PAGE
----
The US Food and Drug Administration (FDA) is going to allow about 10 million doses of the Johnson & Johnson’s coronavirus vaccine to be distributed in the United States or sent to other countries along with a warning that there is no guarantee the manufacturer Emergent BioSolutions followed good practices when producing them, the New York Times reported on Friday.
The FDA has also ordered Johnson & Johnson to discard 60 million of its single-dose COVID-19 vaccines produced at the currently closed plant in Baltimore. The US drug regulator ordered the move due to the risks of the doses being contaminated as a result of an accident in late March at the Baltimore plant operated by Emergent BioSolutions, the report said citing sources familiar with the situation.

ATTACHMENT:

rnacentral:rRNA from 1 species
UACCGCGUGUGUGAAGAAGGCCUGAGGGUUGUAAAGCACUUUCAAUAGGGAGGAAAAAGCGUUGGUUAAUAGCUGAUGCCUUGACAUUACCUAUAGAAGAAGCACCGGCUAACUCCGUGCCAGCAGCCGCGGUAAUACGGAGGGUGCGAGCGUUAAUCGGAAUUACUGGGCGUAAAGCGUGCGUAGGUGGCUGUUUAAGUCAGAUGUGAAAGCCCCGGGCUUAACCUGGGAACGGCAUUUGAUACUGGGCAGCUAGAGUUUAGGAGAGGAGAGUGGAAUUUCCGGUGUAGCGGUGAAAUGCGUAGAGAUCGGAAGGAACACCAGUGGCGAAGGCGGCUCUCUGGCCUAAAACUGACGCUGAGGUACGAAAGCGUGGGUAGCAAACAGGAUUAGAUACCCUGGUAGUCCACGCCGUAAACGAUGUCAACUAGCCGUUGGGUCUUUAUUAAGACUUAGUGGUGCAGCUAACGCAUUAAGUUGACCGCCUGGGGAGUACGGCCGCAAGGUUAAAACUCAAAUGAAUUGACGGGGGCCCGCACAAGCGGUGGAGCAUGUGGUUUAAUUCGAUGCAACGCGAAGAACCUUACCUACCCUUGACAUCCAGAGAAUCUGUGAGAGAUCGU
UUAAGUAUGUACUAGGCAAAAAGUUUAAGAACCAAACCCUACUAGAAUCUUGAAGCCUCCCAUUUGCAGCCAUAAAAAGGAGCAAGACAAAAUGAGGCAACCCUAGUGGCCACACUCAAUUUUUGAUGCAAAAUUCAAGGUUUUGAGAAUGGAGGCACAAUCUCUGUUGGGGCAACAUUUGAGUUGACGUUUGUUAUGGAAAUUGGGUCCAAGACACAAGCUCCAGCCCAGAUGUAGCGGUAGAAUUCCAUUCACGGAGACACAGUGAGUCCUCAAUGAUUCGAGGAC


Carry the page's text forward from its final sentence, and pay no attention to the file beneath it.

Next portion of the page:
Later on Friday, FDA confirmed that it plans to authorize the distribution of two batches of Johnson & Johnson vaccines in the United States and overseas and noted that it is not yet ready to include the Emergent BioSolutions plant into a list of the authorized vaccines manufacturing facilities.
FDA also confirmed that any export of the vaccines produced by Emergent BioSolutions for Johnson & Johnson will be conducted under condition that appropriate relevant information about manufacture process will be shared with the health regulators in the countries where the vaccines will be used.
On April 5, Johnson & Johnson admitted to having produced a faulty batch of coronavirus vaccines at the East Baltimore facility owned by Emergent BioSolutions reportedly due to a mix-up of two ingredients that led to the ruining of about 15 million doses.